WGN TV reporter Courtney Gousman is "sick to her stomach" after seeing racially-insensitive imagery in traffic recently. On her Facebook page, she posted a picture of a "noose" sticker attached to a gas tank. She explains in her caption that the noose represents the murders of innocent black Americans from slavery to recent times. Yet, this post only represents the tip of the iceberg. Every day, TV reporters of color have to deal with racist banter from critics and even a few colleagues. How do I know? Because I've experienced it before.
Balancing My Blackness
Ten years ago, I began pursuing a career as an independent journalist; it was my dream to become "the next Lester Holt". To achieve this goal, I started networking with media professionals on social media and at local events. Most reporters were friendly and helpful, but others were discouraging. The most demoralizing words came from a white, transgendered camera person: "Zack, you are too black and too Christian to ever work for this TV station." (The person was right, but I'll never trade in my platform for false acceptance.)
As I aspired to be a black TV reporter from 2009 to 2012, I conducted a ton of primary research. I e-mailed dozens of news directors across the country and asked for tips how to improve my resume tape. Many agreed that my voice was too ethnic and I needed to improve my diction. But my friends and family disagreed. They hated when I used my "proper" voice. To them, it was annoying. At that moment, I realized that I needed to break free of TV news expectations for black reporters. Thus, I started my own media enterprise. The business flopped but I was still proud of myself. I was a black journalist and entrepreneur with no strings attached.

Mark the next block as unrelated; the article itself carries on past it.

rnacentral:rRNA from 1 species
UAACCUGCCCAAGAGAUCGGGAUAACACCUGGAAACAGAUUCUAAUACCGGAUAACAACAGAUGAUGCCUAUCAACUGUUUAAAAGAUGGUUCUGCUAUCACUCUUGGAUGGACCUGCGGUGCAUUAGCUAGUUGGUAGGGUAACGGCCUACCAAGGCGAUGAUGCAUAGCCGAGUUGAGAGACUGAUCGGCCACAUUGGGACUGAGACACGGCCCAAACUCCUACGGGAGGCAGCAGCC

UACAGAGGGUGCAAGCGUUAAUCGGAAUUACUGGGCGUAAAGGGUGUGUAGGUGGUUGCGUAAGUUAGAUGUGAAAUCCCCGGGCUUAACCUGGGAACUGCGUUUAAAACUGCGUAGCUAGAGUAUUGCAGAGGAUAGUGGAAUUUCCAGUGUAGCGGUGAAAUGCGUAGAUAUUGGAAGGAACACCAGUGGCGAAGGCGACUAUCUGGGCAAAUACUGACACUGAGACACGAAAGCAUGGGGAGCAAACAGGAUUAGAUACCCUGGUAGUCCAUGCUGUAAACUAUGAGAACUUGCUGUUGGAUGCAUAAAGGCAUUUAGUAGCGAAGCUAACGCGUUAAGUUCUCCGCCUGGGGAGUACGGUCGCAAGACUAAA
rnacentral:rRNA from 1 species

Courtney Gousman is not the only black journo who deals with race on the job. Many black journos in Chicago do their best to navigate issues of race in this competitive market. They deal with having their story ideas turned down in exchange for more sensational (and stereotypical) segments/articles. I've visited WGN before and I saw firsthand some of the racial tension among reporters/producers. When I toured other Chicago TV stations, I've experienced disrespect from white journalists who pretend to be race-neutral during their news reports. Overall, I've learned that race is going to always be the elephant in the room.
We can't blame everything on the man at 1600 Pennsylvania Avenue; racism didn't just pop up on January 20, 2017. Our country has always had a race problem. However, the same reporters to inform of this problem have a few problems of their own. It's hard to tell stories about prejudice when you feel like a victim yourself. This is why we must use the news as a way to create change. Starting a dialogue is not enough. We must move from words to action. If Gousman's picture above is worth thousand words, I can only imagine what we can accomplish when we use that image to spring forth into action.